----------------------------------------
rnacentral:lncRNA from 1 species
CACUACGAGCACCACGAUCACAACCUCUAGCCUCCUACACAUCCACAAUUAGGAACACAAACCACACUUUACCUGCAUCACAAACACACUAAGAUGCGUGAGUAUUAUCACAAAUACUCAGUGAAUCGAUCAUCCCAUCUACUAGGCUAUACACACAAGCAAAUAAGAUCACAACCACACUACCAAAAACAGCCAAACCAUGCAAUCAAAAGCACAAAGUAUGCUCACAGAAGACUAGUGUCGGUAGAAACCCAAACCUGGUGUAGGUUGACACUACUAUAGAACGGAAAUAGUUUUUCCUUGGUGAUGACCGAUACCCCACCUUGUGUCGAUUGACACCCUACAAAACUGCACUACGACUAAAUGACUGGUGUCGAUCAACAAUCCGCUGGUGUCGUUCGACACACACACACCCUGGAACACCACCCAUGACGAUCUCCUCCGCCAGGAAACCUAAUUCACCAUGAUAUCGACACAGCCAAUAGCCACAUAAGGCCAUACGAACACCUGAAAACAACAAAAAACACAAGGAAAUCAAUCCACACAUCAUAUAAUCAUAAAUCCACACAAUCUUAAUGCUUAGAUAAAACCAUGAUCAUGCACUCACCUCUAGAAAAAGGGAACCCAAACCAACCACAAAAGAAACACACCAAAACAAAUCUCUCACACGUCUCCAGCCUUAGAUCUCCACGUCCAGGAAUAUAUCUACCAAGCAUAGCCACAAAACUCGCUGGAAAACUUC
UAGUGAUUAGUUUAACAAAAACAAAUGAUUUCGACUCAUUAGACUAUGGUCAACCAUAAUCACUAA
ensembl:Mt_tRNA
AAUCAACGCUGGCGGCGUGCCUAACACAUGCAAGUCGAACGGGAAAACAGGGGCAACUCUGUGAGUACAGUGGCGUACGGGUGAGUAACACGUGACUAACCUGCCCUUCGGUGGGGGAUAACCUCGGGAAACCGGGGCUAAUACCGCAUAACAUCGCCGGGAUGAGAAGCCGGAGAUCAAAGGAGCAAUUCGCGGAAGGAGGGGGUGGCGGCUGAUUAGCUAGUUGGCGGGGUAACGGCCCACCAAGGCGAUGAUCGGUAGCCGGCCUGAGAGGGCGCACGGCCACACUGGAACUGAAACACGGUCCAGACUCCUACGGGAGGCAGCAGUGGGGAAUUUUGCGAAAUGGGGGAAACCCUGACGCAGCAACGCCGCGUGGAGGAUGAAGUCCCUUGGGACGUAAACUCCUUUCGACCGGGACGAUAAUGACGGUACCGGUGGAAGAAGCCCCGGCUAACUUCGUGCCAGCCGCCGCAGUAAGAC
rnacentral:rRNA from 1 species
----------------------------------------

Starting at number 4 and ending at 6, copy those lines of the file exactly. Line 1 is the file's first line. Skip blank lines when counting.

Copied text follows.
ensembl:Mt_tRNA
AAUCAACGCUGGCGGCGUGCCUAACACAUGCAAGUCGAACGGGAAAACAGGGGCAACUCUGUGAGUACAGUGGCGUACGGGUGAGUAACACGUGACUAACCUGCCCUUCGGUGGGGGAUAACCUCGGGAAACCGGGGCUAAUACCGCAUAACAUCGCCGGGAUGAGAAGCCGGAGAUCAAAGGAGCAAUUCGCGGAAGGAGGGGGUGGCGGCUGAUUAGCUAGUUGGCGGGGUAACGGCCCACCAAGGCGAUGAUCGGUAGCCGGCCUGAGAGGGCGCACGGCCACACUGGAACUGAAACACGGUCCAGACUCCUACGGGAGGCAGCAGUGGGGAAUUUUGCGAAAUGGGGGAAACCCUGACGCAGCAACGCCGCGUGGAGGAUGAAGUCCCUUGGGACGUAAACUCCUUUCGACCGGGACGAUAAUGACGGUACCGGUGGAAGAAGCCCCGGCUAACUUCGUGCCAGCCGCCGCAGUAAGAC
rnacentral:rRNA from 1 species